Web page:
李 文 和 获 准 以 100 万 美 元 保 释
A federal judge on Aug. 24 (Thursday) agreed to release former Los Alamos scientist Wen Ho Lee on $1 million bail while he awaits trial on charges of mishandling U.S. nuclear secrets.
U.S. District Judge James Parker said the information presented by the government "no longer has the requisite clarity and persuasive character necessary" to keep Lee in jail until his trial in November.
Lee, 60, had been denied two previous requests for bail. Parker relented after a hearing in which Lee's lawyers cast doubt on the solidity of the government's case and just how sensitive the nuclear material involved was.
"I conclude that there now is a combination of conditions that will reasonably assure the appearance of Dr. Lee as required and the safety of the community and the nation,'' Parker said.
Lee's attorneys, Mark Holscher and John Cline, said in a statement they were gratified by the decision "and will do everything in our power to prevent him from being placed in jail again."
Lee was not immediately released. The judge set a hearing for Tuesday (Aug. 29) on the conditions of his release after eight months in jail. Under the judge's proposal, the Taiwanese-born scientist would be required to remain at his White Rock home under surveillance at most times, and all of his telephone calls and mail could be inspected. He could leave only in the company of at least one of his lawyers and would be required to report by telephone twice a day to the federal court.
The only other person who could live there would be his wife, Sylvia Lee, but his children could come for visits prearranged with authorities. She could leave the home only after notifying authorities of where she was going and why and when she planned to be back and law enforcement agents would be allowed to search her both before and after her trip.
Lee's bond would be secured by his property and that of friends and relatives. Some 15 friends and relatives appeared before Parker last week to offer their property to allow Lee to be freed on bail. Their property, combined with Lee's, is worth about $2.2 million, defense attorneys said.
The U.S. attorney's office and Justice Department said they were reviewing Parker's order and would respond in court.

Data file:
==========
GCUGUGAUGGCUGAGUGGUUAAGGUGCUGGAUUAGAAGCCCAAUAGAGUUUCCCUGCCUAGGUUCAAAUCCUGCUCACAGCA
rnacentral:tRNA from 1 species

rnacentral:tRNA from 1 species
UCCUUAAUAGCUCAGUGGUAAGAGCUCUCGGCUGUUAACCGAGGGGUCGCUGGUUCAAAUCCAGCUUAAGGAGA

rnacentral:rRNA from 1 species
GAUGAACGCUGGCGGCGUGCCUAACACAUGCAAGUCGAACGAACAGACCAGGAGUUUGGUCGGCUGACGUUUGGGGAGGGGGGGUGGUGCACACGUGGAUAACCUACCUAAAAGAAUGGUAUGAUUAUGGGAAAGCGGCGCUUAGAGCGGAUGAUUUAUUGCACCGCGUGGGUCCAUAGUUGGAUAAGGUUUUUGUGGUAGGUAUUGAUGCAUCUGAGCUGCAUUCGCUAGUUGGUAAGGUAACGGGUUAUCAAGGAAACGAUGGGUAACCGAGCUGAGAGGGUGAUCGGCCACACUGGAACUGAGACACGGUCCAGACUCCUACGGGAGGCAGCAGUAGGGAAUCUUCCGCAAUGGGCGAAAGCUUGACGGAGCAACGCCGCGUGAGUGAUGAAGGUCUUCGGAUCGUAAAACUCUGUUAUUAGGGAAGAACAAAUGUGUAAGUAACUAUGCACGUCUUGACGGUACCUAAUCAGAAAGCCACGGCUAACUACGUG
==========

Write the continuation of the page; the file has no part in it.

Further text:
Victor Hwang, managing attorney for the Asian Law Caucus, said: "The conditions, while restrictive, are livable restrictions." Parker this week granted friend-of-the-court status to the caucus and the American Civil Liberties Union to file briefs in support of disclosing any evidence that Lee was singled out for prosecution because of ethnic bias.
Lee, who was fired from Los Alamos National Laboratory last year and was arrested in December, is charged with 59 counts alleging he transferred restricted data to unsecure computers and tape. Some of the tapes are missing.
Parker heard three days of arguments last week about Lee's release. Lee's lawyers argued that he was singled out because he is Asian, and they got an FBI agent whose testimony was key to denying the scientist bail to acknowledge that he had given inaccurate testimony against Lee.
Chief prosecutor George Stamboulidis argued that Lee could help someone build a bomb or help a country bolster its nuclear program if he is released from jail.
"The breadth of the potential harm is so great that ... even a reduced risk is too great to take that gamble," he said.
However, defense attorney Holscher told Parker there is no evidence Lee "has the political motivation, the financial motivation or the destructive intent" to do anything harmful with the material he is accused of downloading.
Two previous attempts by Lee to be freed since his Dec. 10 arrest were rejected. Parker had denied the last bid for bail late in December.
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